The bidirectional relationships between alcohol, cannabis, co-occurring alcohol and cannabis use disorders with major depressive disorder: results from a national sample.


Journal Article

Alcohol use disorders (AUD) and cannabis use disorders (CUD) are common in the United States (US), and are associated with major depressive disorder (MDD). Co-occurring alcohol and cannabis use/use disorders (AUD+CUD), though understudied, have been found to be associated with greater adverse outcomes than alcohol or cannabis use/use disorders alone. There is a paucity of research on the co-occurring relationships of the two disorders with depression.Data came from Waves 1 and 2 of the National Epidemiologic Survey of Alcohol and Related Conditions (NESARC), a population-based longitudinal survey of the adult non-institutionalized, civilian population in the US. Logistic regression analyses were used to assess the associations between: 1) baseline AUD, CUD, and co-occurring AUD+CUD with incident MDD at follow-up and 2) baseline MDD with incident AUD, CUD, and co-occurring AUD+CUD at follow-up, adjusted for potential confounding variables.For Aim 1, most of the AUD and CUD were positively associated with MDD. The strongest associations with incident MDD were observed for cannabis dependence (OR=6.61, CI=1.67-26.21) and co-occurring alcohol and cannabis dependence (OR=2.34, CI=1.23-4.48). For Aim 2, baseline MDD was significantly associated with comparatively fewer cases of incident AUD and CUD but the strongest association was observed for new onset co-occurring alcohol and cannabis dependence (OR=4.51, CI=1.31-15.60).The present study is limited by the potential for social desirability and recall biases.Positive associations between AUD, CUD and MDD were observed bidirectionally. Findings have implications for preventive and treatment programs and initiatives.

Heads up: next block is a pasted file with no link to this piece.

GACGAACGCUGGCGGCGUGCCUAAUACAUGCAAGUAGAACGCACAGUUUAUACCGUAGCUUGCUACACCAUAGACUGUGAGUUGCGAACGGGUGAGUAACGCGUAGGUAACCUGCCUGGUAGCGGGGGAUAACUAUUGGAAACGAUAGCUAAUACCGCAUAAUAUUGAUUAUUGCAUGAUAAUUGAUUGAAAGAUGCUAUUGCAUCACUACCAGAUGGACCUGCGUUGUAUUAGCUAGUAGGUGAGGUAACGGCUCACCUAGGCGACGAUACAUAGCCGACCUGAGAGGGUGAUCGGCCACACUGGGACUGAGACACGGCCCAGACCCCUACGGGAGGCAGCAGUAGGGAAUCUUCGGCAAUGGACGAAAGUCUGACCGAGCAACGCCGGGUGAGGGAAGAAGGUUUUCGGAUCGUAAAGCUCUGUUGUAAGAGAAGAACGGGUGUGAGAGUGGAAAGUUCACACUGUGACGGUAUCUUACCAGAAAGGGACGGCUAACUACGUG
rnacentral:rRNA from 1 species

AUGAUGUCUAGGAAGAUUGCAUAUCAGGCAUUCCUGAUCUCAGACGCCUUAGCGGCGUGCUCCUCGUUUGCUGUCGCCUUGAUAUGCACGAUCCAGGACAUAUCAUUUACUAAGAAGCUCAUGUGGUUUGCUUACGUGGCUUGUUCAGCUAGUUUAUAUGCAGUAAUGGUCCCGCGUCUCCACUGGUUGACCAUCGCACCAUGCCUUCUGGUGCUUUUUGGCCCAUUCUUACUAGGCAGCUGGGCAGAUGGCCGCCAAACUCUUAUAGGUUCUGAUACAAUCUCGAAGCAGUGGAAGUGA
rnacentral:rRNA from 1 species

Full Text

Duke Authors

Cited Authors

  • Pacek, LR; Martins, SS; Crum, RM

Published Date

  • June 2013

Published In

Volume / Issue

  • 148 / 2-3

Start / End Page

  • 188 - 195

PubMed ID

  • 23260381

Pubmed Central ID

  • 23260381

Electronic International Standard Serial Number (EISSN)

  • 1573-2517

International Standard Serial Number (ISSN)

  • 0165-0327

Digital Object Identifier (DOI)

  • 10.1016/j.jad.2012.11.059


  • eng